A memo sent to all 32 NFL teams was leaked to the Los Angeles Times and the clear indication is that L.A. is coming back as a host city and that plans are in the makings to get a franchise there sooner than later.
"Although substantial uncertainties remain, stadium development in Los Angeles has advanced to the point where the prospects for a new facility are better than they have been in many years," Goodell said in the memo, according to the Times.
The Los Angeles area has been without an NFL team since 1994 after having two franchises. The Raiders moved back to Oakland after not getting a stadium deal and the Rams moved to St. Louis for the same reason. The sentiment in L.A. is that a team is coming and it may be coming soon.
Teams mentioned in the Times story include San Diego, Oakland, St. Louis and Jacksonville, although Jaguars owner Shad Khan has recently stated he is committed to keeping his franchise in Jacksonville. Had the Vikings not got an 11th-hour stadium deal done, you could bet they would be at the top of that list.
The memo appears to set the stage that a stadium in Los Angeles had best be prepared to potentially host not only one team, but rather host two. Goodell wrote: "Consistent with our long-standing view, we have made it clear that any stadium seeking investment support from the 32 member clubs should preserve a viable option of being able to host two teams at appropriate times and on appropriate terms."
Not only did the memo state that two franchises could move to Los Angeles – at the current time, there is no talk about expanding the league from its current 32 teams – but the memo seemed to indicate that, to help the process along, the league might provide some of the funding money needed to complete the L.A. stadium option. That would be an interesting development that could greatly speed up the process, because there are few construction delays in Los Angeles and, once the process starts, it can go year-round until the project is completely finished.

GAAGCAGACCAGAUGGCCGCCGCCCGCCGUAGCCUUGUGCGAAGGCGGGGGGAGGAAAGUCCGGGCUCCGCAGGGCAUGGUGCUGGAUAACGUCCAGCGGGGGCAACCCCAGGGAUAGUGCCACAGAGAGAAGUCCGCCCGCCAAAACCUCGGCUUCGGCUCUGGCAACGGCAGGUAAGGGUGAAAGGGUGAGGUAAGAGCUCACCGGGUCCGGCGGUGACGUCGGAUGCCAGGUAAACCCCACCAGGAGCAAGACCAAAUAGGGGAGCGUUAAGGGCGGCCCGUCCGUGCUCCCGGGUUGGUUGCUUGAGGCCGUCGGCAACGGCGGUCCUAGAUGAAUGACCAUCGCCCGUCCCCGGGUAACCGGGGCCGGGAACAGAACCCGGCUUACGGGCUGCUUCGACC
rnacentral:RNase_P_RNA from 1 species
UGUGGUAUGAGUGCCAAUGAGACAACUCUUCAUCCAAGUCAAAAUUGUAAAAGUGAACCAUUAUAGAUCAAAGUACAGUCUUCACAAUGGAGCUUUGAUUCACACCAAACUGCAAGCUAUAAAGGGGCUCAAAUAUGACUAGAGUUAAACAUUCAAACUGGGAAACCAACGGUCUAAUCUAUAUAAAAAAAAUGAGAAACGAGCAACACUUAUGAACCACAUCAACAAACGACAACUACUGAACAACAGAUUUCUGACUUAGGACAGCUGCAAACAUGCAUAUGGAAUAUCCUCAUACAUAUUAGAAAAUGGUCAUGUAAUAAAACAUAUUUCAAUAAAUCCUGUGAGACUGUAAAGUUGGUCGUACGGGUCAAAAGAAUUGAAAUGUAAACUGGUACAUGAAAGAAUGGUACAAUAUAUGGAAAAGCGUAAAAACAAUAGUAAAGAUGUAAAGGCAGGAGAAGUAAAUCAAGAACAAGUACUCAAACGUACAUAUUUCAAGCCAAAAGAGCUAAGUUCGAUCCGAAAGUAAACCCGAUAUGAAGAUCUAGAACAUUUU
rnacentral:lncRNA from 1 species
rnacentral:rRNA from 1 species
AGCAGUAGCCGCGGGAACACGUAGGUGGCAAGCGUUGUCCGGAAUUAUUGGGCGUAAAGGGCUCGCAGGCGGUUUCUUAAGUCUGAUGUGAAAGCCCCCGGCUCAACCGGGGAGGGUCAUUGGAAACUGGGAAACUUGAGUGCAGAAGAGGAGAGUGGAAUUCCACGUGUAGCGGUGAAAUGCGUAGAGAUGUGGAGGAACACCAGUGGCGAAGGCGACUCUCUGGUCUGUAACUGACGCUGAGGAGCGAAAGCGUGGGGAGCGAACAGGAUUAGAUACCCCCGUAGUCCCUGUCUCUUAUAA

What made the Vikings' near-miss so urgent is that Goodell hinted that a relocated team could play in Los Angeles as early as 2013, using either the Los Angeles Coliseum or Rose Bowl as an alternate playing site while the new stadium would be completed.
Given the tone of immediacy, one has to wonder whether Goodell's visit to Minnesota to meet with legislative leaders was, in part, to let it be known that the Vikings were on top of the list for relocation. His visit coincided with the public reversal of the stadium bill from being dead or, at best, a long shot to almost a forgone conclusion by the time it actually came to a vote.
It will be interesting to watch how this matter proceeds. For Vikings fans who could finally breathe a sigh of relief last month, it will be especially interesting because it won't involve their team.
John Holler has been writing about the Vikings for more than a decade for Viking Update. Follow Viking Update on Twitter and discuss this topic on our message boards. To become a subscriber to the Viking Update web site or magazine, click here.